In our launch publication, Safeguarding the Convoy, Professor Christina Victor demonstrates that research over decades has found a fairly constant proportion (6-13%) of older people feel lonely often or always.
On 3 December, the Campaign to End Loneliness and Age UK Oxfordshire launched a new research report with the latest evidence on loneliness, health and wellbeing. It compiles international research on the impact of loneliness on health and quality of life, and identifies triggers and interventions:Loneliness – The State We’re In
A number of researchers from a variety of academic disciplines contributed to this publication. Many of them also spoke at the first international research conference on loneliness, ‘What do we know about loneliness?‘, held on the 9th and 10th of July 2012 in Oxford.
Below are some quotes from each researcher’s paper in our launch publication Safeguarding the Convoy:
“the combination of old age and residence in deprived urban neighbourhoods increases the risks of feeling unsafe, dissatisfied and lonely”
- Professor Thomas Scharf
“male loneliness appears to be associated with an evaluation of the relationship with a partner whereas women tended to evaluate relationships with a wider network of people”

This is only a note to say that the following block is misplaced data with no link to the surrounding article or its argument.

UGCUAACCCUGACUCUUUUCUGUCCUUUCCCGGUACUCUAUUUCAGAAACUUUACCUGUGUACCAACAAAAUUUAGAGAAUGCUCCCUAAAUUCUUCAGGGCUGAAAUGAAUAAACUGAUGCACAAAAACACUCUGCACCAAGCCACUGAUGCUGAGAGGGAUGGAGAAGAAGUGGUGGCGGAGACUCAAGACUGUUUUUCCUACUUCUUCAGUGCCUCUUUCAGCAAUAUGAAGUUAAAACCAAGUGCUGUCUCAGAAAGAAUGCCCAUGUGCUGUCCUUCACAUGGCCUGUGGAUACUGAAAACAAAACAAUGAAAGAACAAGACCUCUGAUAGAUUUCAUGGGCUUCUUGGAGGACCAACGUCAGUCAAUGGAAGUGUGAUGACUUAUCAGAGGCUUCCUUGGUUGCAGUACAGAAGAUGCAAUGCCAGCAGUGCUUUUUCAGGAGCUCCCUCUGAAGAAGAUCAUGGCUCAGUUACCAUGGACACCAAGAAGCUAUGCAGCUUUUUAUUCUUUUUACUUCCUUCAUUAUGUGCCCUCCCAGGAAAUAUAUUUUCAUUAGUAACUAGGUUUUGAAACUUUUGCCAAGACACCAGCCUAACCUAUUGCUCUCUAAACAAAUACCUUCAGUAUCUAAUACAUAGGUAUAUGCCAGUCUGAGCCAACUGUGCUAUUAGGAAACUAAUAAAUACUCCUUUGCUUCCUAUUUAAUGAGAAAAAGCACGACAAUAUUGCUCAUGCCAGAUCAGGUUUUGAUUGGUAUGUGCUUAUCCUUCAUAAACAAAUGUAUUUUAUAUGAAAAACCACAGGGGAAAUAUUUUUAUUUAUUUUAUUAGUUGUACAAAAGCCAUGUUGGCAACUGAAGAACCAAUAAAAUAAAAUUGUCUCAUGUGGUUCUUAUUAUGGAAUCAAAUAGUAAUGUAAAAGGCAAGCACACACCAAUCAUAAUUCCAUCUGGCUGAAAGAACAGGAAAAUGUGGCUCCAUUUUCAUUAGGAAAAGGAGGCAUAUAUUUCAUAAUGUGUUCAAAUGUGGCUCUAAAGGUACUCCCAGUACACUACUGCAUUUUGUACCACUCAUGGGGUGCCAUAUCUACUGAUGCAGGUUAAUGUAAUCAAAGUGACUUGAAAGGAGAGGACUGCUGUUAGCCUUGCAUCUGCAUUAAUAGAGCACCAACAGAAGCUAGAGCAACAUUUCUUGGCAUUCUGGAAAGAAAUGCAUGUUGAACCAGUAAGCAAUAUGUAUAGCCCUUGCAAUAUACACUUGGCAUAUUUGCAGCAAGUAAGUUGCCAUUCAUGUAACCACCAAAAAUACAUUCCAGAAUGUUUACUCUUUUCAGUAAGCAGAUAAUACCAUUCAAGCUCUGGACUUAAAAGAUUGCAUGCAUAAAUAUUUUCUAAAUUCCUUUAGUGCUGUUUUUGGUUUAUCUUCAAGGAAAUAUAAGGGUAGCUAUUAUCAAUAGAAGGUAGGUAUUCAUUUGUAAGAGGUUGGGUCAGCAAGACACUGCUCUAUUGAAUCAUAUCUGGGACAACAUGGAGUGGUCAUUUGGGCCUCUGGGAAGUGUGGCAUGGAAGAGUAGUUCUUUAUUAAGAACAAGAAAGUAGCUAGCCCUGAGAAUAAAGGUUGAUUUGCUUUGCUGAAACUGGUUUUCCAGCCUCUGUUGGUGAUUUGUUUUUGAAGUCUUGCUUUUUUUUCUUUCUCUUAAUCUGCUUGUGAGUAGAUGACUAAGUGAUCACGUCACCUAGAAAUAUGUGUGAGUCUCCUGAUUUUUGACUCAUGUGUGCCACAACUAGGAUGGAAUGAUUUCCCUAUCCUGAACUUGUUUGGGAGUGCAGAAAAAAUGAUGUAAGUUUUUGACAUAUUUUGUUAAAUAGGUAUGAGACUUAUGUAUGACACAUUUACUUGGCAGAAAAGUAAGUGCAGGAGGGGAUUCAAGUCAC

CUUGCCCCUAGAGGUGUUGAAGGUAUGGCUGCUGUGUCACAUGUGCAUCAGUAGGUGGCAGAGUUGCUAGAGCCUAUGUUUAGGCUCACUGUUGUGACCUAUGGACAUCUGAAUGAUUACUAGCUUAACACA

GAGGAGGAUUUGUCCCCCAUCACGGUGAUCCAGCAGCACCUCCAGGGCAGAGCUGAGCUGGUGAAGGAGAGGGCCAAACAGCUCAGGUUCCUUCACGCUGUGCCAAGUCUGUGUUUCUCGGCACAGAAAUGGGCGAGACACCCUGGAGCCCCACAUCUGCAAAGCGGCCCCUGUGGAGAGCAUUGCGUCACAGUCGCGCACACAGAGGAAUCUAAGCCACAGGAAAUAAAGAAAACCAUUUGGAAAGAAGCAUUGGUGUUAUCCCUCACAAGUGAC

- Professor Vanessa Burholt
“about 20 percent of the older population is mildly lonely and another 8 to 10 percent is intensely lonely (Victor, 2005). Intense loneliness appears to be more prevalent among divorcees, (recently) widowed people, those living alone, and those confronted with deteriorating health, and individuals in deprived areas.”
- Dr Jenny de Jong Gierveld et al
“lonely older people are different individuals with different needs and expectations”
- Professor Mima Cattan
You can stay updated on recent research on loneliness and social isolation with the Campaign to End Loneliness Research Bulletins.
Statistics on loneliness and social isolation
Other research carried out over the last few decades has consistently shown that 10% of older people feel always or very lonely. Recent estimates place the number of people aged over 65 who are often or always lonely at over 1 million.
The percentage of the population who feel isolated and are therefore, at risk of loneliness is significantly larger: